In FIG. 1 in phantom is indicated the somewhat cyclonic or toroidal shape that a mass 52 of clippings tends to assume when cutter blade 18 and this attachment are being operated together. It is believed that the thus produced cyclonic atmosphere and the toroidal shape of clipping mass is largely responsible for the remarkable, cleanly-scrubbed appearance that is usually to be seen within the mower housing 10.
Numerous observations of the performance of a rotary mower equipped with this fan device have been made. In FIG. 4 a number of in-pointing arrows have been shown to indicate that considerable suction axisward is created under the housing 10. This is demonstrable by operating a mower first without and then with the instant fan device over a sprinkling of clippings on a bare surface. Whereas, without the fan device suction on such clippings barely extends outward from the housing 10, with the fan device, clippings are drawn into the housing from several inches, often up to eight inches, outside the housing. Also, with matted grass the same mower equipped with this fan device smoothly cut a lawn that could only be clipped reasonably smooth after three passes with the mower while unequipped with this fan device. Further, in an early experiment with a prototype fan device of farily light weight brass sheet and with the fan blades 38 disposed vertically relative plate 30, little or no suction appeared to be developed. It was when the blades 38 were disposed obtusely angled to plate 30 and to the plane of rotation that optimum cutting results were obtained.
While the plate structure 30 is here shown as an adjunct to a conventional cutter blade 18 of a rotary lawnmower, it will be clearly obvious to those skilled in the art that the portions 33, 33 and their respective fan blades 39, 39 may be integral with the cutter blade 21 as shown in FIG. 6.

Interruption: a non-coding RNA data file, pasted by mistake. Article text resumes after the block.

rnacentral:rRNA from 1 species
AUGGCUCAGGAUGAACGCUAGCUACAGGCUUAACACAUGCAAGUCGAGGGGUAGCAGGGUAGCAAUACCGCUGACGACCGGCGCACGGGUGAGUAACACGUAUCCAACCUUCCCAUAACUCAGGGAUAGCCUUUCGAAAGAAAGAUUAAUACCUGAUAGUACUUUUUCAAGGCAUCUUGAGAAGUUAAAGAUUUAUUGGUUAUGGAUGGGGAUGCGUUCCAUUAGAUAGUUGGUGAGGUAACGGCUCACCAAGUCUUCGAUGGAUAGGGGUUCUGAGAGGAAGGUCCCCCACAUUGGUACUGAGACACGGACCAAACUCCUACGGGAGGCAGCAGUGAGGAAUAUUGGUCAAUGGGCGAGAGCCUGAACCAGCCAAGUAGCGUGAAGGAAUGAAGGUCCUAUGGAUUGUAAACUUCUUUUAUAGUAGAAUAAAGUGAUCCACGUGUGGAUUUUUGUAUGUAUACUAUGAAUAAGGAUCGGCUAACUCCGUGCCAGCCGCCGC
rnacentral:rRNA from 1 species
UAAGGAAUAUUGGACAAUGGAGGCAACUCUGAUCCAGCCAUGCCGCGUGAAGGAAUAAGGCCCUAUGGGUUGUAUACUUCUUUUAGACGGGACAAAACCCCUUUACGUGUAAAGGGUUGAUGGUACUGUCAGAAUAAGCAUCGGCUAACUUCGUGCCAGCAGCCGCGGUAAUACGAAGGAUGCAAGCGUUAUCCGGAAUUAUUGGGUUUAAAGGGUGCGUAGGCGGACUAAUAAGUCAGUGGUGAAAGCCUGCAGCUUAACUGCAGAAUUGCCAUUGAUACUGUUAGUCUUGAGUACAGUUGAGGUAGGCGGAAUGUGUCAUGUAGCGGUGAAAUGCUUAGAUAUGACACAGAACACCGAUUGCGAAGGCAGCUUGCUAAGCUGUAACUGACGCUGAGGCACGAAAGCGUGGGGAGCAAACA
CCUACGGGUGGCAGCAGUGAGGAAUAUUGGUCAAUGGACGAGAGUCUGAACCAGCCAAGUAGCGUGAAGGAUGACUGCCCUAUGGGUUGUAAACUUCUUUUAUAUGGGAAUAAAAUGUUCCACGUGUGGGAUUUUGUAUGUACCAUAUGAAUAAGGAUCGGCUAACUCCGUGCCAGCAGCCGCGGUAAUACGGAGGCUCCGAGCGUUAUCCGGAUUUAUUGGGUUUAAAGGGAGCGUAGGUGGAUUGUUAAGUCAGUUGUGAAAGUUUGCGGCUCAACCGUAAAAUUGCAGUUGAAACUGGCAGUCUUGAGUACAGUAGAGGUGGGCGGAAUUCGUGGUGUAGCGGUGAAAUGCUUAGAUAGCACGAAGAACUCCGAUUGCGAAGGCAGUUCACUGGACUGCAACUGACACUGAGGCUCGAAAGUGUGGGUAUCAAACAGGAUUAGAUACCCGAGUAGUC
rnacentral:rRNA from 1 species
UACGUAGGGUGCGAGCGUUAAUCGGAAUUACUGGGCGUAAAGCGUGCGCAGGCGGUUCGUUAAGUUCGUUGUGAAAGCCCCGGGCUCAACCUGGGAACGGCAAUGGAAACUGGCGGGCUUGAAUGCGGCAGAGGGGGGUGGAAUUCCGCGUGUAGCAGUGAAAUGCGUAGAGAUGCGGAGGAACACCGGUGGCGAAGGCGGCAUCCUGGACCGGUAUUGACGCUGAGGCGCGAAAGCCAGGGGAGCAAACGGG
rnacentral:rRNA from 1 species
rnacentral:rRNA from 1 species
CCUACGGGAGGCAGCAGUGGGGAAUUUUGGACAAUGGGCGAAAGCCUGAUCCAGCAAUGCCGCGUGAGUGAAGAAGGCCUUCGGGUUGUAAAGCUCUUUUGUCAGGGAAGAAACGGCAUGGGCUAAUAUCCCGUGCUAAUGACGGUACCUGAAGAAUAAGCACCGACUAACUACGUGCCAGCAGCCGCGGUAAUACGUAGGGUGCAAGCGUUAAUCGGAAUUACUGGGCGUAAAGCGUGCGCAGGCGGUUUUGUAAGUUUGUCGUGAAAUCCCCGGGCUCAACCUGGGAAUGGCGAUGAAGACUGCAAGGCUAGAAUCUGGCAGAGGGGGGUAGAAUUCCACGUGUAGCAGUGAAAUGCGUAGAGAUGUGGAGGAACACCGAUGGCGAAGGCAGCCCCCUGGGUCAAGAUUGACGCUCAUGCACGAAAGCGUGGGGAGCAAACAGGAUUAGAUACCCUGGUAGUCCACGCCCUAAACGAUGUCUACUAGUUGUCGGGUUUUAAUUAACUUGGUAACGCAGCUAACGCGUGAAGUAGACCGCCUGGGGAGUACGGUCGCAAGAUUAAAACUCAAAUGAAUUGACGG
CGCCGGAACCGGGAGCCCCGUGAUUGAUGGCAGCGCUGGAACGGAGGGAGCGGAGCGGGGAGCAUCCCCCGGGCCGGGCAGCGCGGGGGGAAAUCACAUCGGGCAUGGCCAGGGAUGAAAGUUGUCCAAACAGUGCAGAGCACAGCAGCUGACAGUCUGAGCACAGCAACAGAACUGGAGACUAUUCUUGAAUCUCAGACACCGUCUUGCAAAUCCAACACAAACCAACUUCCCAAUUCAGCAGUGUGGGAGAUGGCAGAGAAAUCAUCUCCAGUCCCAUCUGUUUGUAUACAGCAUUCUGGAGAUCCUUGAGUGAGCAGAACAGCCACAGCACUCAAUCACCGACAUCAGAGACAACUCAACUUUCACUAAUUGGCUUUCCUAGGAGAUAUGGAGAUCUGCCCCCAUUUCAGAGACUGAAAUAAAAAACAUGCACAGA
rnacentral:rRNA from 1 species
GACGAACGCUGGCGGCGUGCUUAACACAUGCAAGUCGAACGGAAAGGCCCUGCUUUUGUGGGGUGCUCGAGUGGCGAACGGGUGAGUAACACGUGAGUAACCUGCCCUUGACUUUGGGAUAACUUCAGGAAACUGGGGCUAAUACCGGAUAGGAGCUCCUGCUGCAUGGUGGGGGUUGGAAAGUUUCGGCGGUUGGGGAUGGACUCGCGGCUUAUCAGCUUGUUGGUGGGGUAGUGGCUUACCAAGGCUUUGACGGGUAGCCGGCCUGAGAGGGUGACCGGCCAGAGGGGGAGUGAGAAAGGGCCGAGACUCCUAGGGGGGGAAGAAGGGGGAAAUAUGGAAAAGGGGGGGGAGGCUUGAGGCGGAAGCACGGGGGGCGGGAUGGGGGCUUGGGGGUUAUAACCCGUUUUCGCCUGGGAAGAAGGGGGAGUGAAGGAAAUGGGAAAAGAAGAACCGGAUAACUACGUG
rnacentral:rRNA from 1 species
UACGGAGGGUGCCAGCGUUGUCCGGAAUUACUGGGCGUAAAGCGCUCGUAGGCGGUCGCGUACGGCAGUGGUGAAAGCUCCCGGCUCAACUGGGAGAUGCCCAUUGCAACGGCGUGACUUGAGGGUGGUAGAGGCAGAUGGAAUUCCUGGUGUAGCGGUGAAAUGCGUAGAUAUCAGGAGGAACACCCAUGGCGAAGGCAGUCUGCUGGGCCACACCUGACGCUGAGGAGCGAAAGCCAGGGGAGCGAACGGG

The prior art known to this applicant, as shown, is the relevent portions attached thereto, in the following:
U.S. Pat. No. 3,049,855: McMillan, 8/1962
U.S. Pat. No. 2,814,924: Group et al 12, 1957
This prior art is considered not relevant to negate patentability because these prior devices only disclose fan means in which fan blades or wings stand parallel to the axis of rotation and appear to create no air currents moving outward and upward and capable of creating cyclonic action.
In compliance with the statute, the invention has been described in language more or less specific as to structural features. It is to be understood, however, that the invention is not limited to the specific features shown, since the means and construction herein disclosed comprises a preferred form of putting the invention into effect. The invention is, therefore, claimed in any of its forms or modifications within the legitimate and valid scope of the appended claims, appropriately interpreted in accordance with the doctrine of equivalents.